Warmer for Many
Temperatures were above normal across a large portion of the southern and central Midwest during the period
(Figure 1). The warmest areas were in Kentucky and the Ohio River Valley, were temperatures were 7-9°F above normal. Most of Missouri and Illinois were also 3-6°F above normal. Eastern Iowa, southern Wisconsin and southern Lower Michigan were 1-3°F above normal. More than 150 daily temperature records were broken, with more than 100 coming from high minimum temperatures (Figure 2). Minnesota and northwestern Iowa were the only areas a few degrees below normal.
Heavy rain in Iowa, Missouri and Illinois
Very wet conditions were observed across Iowa, Missouri and Illinois during the period
(Figure 3). Amounts of over 3 inches were common across these areas, with amounts of over 6 inches in far southern Iowa and northern Missouri. Rainfall in these areas translated to 3-5 times the normal amount (Figure 4). A pattern of storms over these same areas led to heavy rainfall on multiple days, with the heaviest amounts through the mornings of May 24
(Figure 5), May 26 (Figure 6) and May 29
(Figure 7). In Missouri, some of the heaviest amounts for the period included 17.20 inches in Milan (Sullivan County), 11.93 inches near Spickard (Grundy County) and 10.68 inches in Unionville (Putnam County). In Iowa, amounts included 7.93 inches in Shenandoah, IA (Page County) and 7.89 inches in Massena (Cass County). More than 240 daily precipitation records were broken in the region from the heavy rainfall (Figure 8).
Strong Winds and Hail
Severe weather reached a new high for 2019 during the final 10 days of May, with reports of damaging winds and hail on each day during the period
(Figure 9). More than 600 wind reports and nearly 200 hail reports led to damage across Iowa, Missouri, Illinois, Indiana and Ohio. A majority of the strong winds and hail occurred on May 22 (Figure 10) and May 25
(Figure 11). Wind reports during the period included an 80 mph gust near Sibley, IL (Ford County) on May 22, an 83 mph gust near Watseka, IL (Iroquois County) on May 22 and an 80 mph gust near Prestonburg, KY (Floyd County) on May 29. The latter gust was caused by a downburst that led to a fatality when a roof from a building was blown off and onto a vehicle. Hail reports included diameters of 2.5 inches near Deland, IL (Piatt County) on May 28, 3.0 inches near Kieferville, OH (Putnam County) on May 28 and 4.0 inches near Pine Village, IN (Tippecanoe County).
May 22 Southwest Missouri Tornadoes
Several destructive tornadoes impacted southwestern Missouri on May 22, including two EF-3 tornadoes (Figure 12). The first of these EF-3 tornadoes went northwest of Joplin through Carl Junction, MO (Jasper County). Peak winds of 140 mph were estimated as trees were uprooted and well-built multi-story homes were significantly damaged along the nine-mile path. Fortunately, no injuries or deaths were reported. The other EF-3 tornado impacted Golden City, MO (Barton County). Peak winds were estimated at 142 mph with a path of 12 miles and a maximum width of a half mile. Three fatalities were reported from people in their homes, along with another injury. Four other tornadoes were reported in Missouri during the evening and overnight hours. Minor to moderate riverine flooding was also reported along with flash flooding from several inches of rainfall from May 20-22.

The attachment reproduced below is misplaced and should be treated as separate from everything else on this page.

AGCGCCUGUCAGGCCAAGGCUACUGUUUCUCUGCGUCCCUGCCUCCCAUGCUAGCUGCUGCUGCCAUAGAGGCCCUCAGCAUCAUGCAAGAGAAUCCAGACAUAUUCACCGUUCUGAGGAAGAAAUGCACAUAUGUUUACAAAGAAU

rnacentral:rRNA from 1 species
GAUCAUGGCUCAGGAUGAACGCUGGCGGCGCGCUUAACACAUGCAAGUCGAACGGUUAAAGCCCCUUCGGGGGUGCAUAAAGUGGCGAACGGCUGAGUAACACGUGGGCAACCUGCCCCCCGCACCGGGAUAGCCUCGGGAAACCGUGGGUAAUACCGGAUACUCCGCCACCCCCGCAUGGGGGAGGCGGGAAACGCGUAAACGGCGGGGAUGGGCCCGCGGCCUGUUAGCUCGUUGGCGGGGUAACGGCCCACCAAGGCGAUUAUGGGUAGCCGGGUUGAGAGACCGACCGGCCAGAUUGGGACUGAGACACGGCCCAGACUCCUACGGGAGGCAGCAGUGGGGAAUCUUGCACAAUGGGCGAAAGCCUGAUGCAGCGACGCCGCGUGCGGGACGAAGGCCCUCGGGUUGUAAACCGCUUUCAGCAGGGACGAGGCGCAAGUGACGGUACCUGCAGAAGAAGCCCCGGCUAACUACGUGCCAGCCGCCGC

May 27-28 Tornado Outbreak
Powerful and destructive tornadoes affected parts of Iowa, Illinois, Indiana and Ohio on May 27-28 (Figure 13). Several dozen tornadoes were confirmed across the region, with three EF-3 and one EF-4 tornado in Ohio around 10-11pm local time. The strongest tornado occurred in Montgomery County, OH, packing EF-4 winds estimated at 170 mph. The storm tracked 19 miles from Brookville, to Trotwood, Dayton and Riverside for 31 minutes, with a maximum width of over half a mile. Hundreds of homes and apartment complexes were damaged along with thousands of trees. The three EF-3 tornadoes confirmed in Ohio occurred near West Milton, OH (Darke/Miami counties), near Celina, OH (Mercer County) and from eastern Montgomery into western Greene County, OH. A fatality was reported in Celina when an automobile became airborne and hit a home. An injury was also reported from the West Milton tornado as a trailer home flipped, leading to broken ribs from an occupant.
Earlier in the evening in Indiana, several more damaging tornadoes moved across the northern half of the state. An EF 3 tornado was reported near Macy (Miami and Fulton counties) with a maximum path width of a half mile and winds up to 140 mph. Two injuries at a dairy farm were reported near Roll, IN (Blackford and Wells counties) from an EF-3 tornado with 150 mph winds and a path nearly seven-tenths of a mile wide. Another tornado near Pendleton, IN (Madison County) also led to a non-life threatening injury.
Flood Waters Rise Again
Increased precipitation during the final 10 days of May kept rivers from receding once again (Figure 14). Major flooding occurred along the Mississippi River
(Figure 15) along most of the western Illinois border by the end of the period as heavy rain continued to fall. Major flooding was also reported along the Missouri River (Figure 16), Illinois River
(Figure 17), Kaskaskia River (Figure 18), South Sauk River
(Figure 19) and Grand River (Figure 20).